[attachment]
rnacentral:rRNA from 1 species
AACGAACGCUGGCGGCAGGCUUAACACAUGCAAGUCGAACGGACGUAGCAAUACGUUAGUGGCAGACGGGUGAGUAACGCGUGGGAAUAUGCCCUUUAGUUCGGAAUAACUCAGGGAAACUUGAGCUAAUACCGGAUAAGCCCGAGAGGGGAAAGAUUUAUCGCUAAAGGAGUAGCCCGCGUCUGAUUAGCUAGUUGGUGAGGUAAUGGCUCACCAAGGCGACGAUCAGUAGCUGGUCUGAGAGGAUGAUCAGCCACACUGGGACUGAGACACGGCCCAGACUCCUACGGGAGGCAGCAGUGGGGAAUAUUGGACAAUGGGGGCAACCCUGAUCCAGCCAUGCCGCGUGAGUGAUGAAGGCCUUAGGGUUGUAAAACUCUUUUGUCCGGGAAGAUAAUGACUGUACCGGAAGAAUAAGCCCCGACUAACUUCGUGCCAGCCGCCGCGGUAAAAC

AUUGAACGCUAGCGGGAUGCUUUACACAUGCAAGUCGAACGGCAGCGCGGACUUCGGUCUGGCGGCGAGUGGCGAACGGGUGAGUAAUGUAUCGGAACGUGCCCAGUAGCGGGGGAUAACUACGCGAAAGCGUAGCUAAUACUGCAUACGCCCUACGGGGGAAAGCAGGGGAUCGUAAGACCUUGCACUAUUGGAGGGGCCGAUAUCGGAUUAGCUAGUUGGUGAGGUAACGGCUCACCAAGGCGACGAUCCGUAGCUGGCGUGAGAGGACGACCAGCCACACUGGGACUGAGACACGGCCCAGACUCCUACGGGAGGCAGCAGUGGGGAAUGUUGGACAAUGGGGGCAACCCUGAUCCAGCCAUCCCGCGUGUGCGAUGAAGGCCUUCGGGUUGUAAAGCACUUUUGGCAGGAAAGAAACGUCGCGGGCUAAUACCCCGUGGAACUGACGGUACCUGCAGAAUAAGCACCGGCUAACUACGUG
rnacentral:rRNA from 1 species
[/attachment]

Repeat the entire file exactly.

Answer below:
rnacentral:rRNA from 1 species
AACGAACGCUGGCGGCAGGCUUAACACAUGCAAGUCGAACGGACGUAGCAAUACGUUAGUGGCAGACGGGUGAGUAACGCGUGGGAAUAUGCCCUUUAGUUCGGAAUAACUCAGGGAAACUUGAGCUAAUACCGGAUAAGCCCGAGAGGGGAAAGAUUUAUCGCUAAAGGAGUAGCCCGCGUCUGAUUAGCUAGUUGGUGAGGUAAUGGCUCACCAAGGCGACGAUCAGUAGCUGGUCUGAGAGGAUGAUCAGCCACACUGGGACUGAGACACGGCCCAGACUCCUACGGGAGGCAGCAGUGGGGAAUAUUGGACAAUGGGGGCAACCCUGAUCCAGCCAUGCCGCGUGAGUGAUGAAGGCCUUAGGGUUGUAAAACUCUUUUGUCCGGGAAGAUAAUGACUGUACCGGAAGAAUAAGCCCCGACUAACUUCGUGCCAGCCGCCGCGGUAAAAC

AUUGAACGCUAGCGGGAUGCUUUACACAUGCAAGUCGAACGGCAGCGCGGACUUCGGUCUGGCGGCGAGUGGCGAACGGGUGAGUAAUGUAUCGGAACGUGCCCAGUAGCGGGGGAUAACUACGCGAAAGCGUAGCUAAUACUGCAUACGCCCUACGGGGGAAAGCAGGGGAUCGUAAGACCUUGCACUAUUGGAGGGGCCGAUAUCGGAUUAGCUAGUUGGUGAGGUAACGGCUCACCAAGGCGACGAUCCGUAGCUGGCGUGAGAGGACGACCAGCCACACUGGGACUGAGACACGGCCCAGACUCCUACGGGAGGCAGCAGUGGGGAAUGUUGGACAAUGGGGGCAACCCUGAUCCAGCCAUCCCGCGUGUGCGAUGAAGGCCUUCGGGUUGUAAAGCACUUUUGGCAGGAAAGAAACGUCGCGGGCUAAUACCCCGUGGAACUGACGGUACCUGCAGAAUAAGCACCGGCUAACUACGUG
rnacentral:rRNA from 1 species